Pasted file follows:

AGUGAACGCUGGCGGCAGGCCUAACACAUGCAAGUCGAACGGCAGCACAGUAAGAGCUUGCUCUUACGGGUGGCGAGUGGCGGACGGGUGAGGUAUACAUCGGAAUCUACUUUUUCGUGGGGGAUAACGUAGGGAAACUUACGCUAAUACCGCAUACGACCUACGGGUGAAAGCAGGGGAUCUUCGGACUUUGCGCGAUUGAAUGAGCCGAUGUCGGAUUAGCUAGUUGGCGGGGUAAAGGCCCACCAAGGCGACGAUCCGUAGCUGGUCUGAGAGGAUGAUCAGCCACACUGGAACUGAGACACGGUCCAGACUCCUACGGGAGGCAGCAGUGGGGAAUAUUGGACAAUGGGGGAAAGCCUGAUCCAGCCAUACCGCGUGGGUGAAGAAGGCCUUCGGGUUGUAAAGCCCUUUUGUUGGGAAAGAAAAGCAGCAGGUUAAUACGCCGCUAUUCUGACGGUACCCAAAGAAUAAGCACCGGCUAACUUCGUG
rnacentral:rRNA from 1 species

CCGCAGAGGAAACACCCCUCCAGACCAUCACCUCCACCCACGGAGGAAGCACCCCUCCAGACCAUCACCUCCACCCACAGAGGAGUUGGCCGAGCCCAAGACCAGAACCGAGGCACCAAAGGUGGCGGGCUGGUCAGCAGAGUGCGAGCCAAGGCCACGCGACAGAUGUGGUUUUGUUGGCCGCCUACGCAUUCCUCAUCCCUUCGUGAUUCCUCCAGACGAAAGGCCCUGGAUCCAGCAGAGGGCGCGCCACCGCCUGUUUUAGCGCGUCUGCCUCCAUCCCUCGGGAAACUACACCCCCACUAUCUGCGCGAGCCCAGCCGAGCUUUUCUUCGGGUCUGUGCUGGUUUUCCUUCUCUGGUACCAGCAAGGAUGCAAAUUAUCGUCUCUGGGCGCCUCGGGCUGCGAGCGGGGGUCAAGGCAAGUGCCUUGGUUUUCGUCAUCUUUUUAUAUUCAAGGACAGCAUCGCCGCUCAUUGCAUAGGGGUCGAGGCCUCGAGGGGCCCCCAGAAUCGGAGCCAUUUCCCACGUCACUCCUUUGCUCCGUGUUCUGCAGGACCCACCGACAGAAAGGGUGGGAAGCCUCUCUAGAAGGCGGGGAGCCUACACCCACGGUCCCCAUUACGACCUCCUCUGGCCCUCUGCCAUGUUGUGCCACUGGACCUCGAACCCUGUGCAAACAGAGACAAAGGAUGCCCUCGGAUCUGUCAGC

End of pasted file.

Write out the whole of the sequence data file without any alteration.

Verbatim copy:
AGUGAACGCUGGCGGCAGGCCUAACACAUGCAAGUCGAACGGCAGCACAGUAAGAGCUUGCUCUUACGGGUGGCGAGUGGCGGACGGGUGAGGUAUACAUCGGAAUCUACUUUUUCGUGGGGGAUAACGUAGGGAAACUUACGCUAAUACCGCAUACGACCUACGGGUGAAAGCAGGGGAUCUUCGGACUUUGCGCGAUUGAAUGAGCCGAUGUCGGAUUAGCUAGUUGGCGGGGUAAAGGCCCACCAAGGCGACGAUCCGUAGCUGGUCUGAGAGGAUGAUCAGCCACACUGGAACUGAGACACGGUCCAGACUCCUACGGGAGGCAGCAGUGGGGAAUAUUGGACAAUGGGGGAAAGCCUGAUCCAGCCAUACCGCGUGGGUGAAGAAGGCCUUCGGGUUGUAAAGCCCUUUUGUUGGGAAAGAAAAGCAGCAGGUUAAUACGCCGCUAUUCUGACGGUACCCAAAGAAUAAGCACCGGCUAACUUCGUG
rnacentral:rRNA from 1 species

CCGCAGAGGAAACACCCCUCCAGACCAUCACCUCCACCCACGGAGGAAGCACCCCUCCAGACCAUCACCUCCACCCACAGAGGAGUUGGCCGAGCCCAAGACCAGAACCGAGGCACCAAAGGUGGCGGGCUGGUCAGCAGAGUGCGAGCCAAGGCCACGCGACAGAUGUGGUUUUGUUGGCCGCCUACGCAUUCCUCAUCCCUUCGUGAUUCCUCCAGACGAAAGGCCCUGGAUCCAGCAGAGGGCGCGCCACCGCCUGUUUUAGCGCGUCUGCCUCCAUCCCUCGGGAAACUACACCCCCACUAUCUGCGCGAGCCCAGCCGAGCUUUUCUUCGGGUCUGUGCUGGUUUUCCUUCUCUGGUACCAGCAAGGAUGCAAAUUAUCGUCUCUGGGCGCCUCGGGCUGCGAGCGGGGGUCAAGGCAAGUGCCUUGGUUUUCGUCAUCUUUUUAUAUUCAAGGACAGCAUCGCCGCUCAUUGCAUAGGGGUCGAGGCCUCGAGGGGCCCCCAGAAUCGGAGCCAUUUCCCACGUCACUCCUUUGCUCCGUGUUCUGCAGGACCCACCGACAGAAAGGGUGGGAAGCCUCUCUAGAAGGCGGGGAGCCUACACCCACGGUCCCCAUUACGACCUCCUCUGGCCCUCUGCCAUGUUGUGCCACUGGACCUCGAACCCUGUGCAAACAGAGACAAAGGAUGCCCUCGGAUCUGUCAGC